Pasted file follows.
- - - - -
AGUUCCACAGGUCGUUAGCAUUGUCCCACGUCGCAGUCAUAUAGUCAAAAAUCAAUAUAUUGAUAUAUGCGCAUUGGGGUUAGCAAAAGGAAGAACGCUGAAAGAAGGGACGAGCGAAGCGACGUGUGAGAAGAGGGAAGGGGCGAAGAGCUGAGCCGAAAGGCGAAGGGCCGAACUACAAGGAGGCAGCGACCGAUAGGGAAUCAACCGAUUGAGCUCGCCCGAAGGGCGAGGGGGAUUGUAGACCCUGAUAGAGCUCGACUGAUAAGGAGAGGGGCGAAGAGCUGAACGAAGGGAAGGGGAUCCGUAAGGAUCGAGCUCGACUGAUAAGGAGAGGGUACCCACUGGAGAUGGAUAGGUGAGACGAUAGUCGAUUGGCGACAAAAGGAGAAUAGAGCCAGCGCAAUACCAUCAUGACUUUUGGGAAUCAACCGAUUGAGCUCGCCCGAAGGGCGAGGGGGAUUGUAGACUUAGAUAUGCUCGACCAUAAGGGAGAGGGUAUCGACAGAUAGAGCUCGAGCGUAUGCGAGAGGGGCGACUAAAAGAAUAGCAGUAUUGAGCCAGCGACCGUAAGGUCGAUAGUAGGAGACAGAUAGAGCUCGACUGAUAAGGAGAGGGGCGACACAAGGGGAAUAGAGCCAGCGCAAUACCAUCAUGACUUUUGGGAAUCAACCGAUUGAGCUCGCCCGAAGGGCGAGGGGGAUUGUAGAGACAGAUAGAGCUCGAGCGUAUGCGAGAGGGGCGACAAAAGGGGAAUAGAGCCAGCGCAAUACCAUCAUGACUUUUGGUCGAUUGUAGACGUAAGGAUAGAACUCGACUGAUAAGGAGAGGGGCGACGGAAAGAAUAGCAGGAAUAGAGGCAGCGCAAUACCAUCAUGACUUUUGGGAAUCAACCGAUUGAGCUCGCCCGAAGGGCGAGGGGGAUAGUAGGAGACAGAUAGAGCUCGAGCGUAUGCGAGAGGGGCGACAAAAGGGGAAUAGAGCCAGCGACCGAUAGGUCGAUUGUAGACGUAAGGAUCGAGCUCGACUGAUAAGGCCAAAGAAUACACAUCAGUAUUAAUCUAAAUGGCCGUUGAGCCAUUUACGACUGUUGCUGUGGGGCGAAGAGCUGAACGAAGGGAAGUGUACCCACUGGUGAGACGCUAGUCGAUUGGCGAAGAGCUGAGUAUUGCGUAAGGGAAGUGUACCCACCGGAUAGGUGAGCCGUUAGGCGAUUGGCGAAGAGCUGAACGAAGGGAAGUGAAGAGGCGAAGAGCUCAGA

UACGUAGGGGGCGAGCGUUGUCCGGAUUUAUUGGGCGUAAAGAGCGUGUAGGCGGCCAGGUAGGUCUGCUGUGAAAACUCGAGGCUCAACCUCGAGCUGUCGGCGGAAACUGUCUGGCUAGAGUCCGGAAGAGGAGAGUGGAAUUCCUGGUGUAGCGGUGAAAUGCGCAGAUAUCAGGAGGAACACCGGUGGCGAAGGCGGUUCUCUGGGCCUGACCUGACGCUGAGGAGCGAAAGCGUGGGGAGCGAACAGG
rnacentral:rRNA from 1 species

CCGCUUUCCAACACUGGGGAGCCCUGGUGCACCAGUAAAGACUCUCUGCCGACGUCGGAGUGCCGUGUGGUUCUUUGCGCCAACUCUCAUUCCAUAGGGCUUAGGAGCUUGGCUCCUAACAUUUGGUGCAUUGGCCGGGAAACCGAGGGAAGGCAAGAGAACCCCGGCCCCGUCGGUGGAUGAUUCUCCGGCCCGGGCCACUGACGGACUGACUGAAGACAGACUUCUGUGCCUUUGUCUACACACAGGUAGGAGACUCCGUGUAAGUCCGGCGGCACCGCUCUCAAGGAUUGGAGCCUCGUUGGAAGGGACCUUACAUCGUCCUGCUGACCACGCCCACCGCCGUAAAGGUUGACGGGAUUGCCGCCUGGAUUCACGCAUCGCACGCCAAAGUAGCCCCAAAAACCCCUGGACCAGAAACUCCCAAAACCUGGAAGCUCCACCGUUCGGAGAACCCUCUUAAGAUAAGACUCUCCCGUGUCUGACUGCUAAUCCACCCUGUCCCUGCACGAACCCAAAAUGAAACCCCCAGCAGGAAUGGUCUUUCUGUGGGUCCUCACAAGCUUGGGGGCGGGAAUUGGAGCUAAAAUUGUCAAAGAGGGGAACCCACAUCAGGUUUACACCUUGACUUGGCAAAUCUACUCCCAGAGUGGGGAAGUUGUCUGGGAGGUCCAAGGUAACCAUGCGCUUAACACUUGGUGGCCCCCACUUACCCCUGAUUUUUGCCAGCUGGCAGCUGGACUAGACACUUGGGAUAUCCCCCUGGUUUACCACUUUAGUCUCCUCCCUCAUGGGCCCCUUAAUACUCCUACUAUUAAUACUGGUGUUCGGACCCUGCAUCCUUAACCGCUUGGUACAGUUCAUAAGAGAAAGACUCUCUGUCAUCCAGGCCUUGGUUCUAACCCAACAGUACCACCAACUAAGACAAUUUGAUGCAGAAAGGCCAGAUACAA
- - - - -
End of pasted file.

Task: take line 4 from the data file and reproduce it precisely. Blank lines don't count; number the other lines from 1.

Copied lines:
CCGCUUUCCAACACUGGGGAGCCCUGGUGCACCAGUAAAGACUCUCUGCCGACGUCGGAGUGCCGUGUGGUUCUUUGCGCCAACUCUCAUUCCAUAGGGCUUAGGAGCUUGGCUCCUAACAUUUGGUGCAUUGGCCGGGAAACCGAGGGAAGGCAAGAGAACCCCGGCCCCGUCGGUGGAUGAUUCUCCGGCCCGGGCCACUGACGGACUGACUGAAGACAGACUUCUGUGCCUUUGUCUACACACAGGUAGGAGACUCCGUGUAAGUCCGGCGGCACCGCUCUCAAGGAUUGGAGCCUCGUUGGAAGGGACCUUACAUCGUCCUGCUGACCACGCCCACCGCCGUAAAGGUUGACGGGAUUGCCGCCUGGAUUCACGCAUCGCACGCCAAAGUAGCCCCAAAAACCCCUGGACCAGAAACUCCCAAAACCUGGAAGCUCCACCGUUCGGAGAACCCUCUUAAGAUAAGACUCUCCCGUGUCUGACUGCUAAUCCACCCUGUCCCUGCACGAACCCAAAAUGAAACCCCCAGCAGGAAUGGUCUUUCUGUGGGUCCUCACAAGCUUGGGGGCGGGAAUUGGAGCUAAAAUUGUCAAAGAGGGGAACCCACAUCAGGUUUACACCUUGACUUGGCAAAUCUACUCCCAGAGUGGGGAAGUUGUCUGGGAGGUCCAAGGUAACCAUGCGCUUAACACUUGGUGGCCCCCACUUACCCCUGAUUUUUGCCAGCUGGCAGCUGGACUAGACACUUGGGAUAUCCCCCUGGUUUACCACUUUAGUCUCCUCCCUCAUGGGCCCCUUAAUACUCCUACUAUUAAUACUGGUGUUCGGACCCUGCAUCCUUAACCGCUUGGUACAGUUCAUAAGAGAAAGACUCUCUGUCAUCCAGGCCUUGGUUCUAACCCAACAGUACCACCAACUAAGACAAUUUGAUGCAGAAAGGCCAGAUACAA